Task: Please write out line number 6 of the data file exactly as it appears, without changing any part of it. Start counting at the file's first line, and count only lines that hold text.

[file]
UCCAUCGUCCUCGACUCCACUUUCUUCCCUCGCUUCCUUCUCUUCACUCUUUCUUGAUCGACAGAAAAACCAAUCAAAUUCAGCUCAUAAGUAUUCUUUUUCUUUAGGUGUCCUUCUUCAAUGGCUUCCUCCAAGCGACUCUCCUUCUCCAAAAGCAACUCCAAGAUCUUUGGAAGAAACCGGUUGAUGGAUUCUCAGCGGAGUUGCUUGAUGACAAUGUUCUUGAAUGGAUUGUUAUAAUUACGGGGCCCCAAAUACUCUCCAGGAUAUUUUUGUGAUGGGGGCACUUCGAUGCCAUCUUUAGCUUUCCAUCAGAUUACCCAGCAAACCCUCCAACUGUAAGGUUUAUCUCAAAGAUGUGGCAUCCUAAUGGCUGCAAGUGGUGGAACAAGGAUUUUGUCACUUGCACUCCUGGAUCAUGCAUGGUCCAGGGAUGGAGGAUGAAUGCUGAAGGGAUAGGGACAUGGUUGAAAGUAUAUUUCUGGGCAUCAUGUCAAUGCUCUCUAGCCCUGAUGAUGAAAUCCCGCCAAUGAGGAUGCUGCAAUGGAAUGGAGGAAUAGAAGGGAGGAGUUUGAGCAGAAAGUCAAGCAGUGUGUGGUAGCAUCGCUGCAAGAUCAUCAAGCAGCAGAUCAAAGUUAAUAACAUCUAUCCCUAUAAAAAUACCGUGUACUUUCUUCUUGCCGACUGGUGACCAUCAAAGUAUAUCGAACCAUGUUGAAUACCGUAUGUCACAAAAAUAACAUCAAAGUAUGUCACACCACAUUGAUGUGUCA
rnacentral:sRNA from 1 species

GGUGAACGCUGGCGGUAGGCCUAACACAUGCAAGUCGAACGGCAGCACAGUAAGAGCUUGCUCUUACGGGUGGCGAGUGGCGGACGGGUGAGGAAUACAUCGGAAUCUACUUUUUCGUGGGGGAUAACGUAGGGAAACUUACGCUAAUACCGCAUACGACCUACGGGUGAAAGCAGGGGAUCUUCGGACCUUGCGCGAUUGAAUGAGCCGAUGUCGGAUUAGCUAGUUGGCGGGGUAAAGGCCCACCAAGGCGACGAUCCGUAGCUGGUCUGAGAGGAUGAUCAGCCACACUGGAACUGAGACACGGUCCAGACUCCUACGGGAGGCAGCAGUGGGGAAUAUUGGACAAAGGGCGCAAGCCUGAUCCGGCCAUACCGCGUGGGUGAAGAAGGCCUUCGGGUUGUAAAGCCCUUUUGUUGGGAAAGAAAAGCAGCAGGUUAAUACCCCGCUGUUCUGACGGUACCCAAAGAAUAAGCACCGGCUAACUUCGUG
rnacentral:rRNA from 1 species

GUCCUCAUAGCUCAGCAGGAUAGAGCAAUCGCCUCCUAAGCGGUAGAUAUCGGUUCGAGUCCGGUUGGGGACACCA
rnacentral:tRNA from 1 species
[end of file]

rnacentral:tRNA from 1 species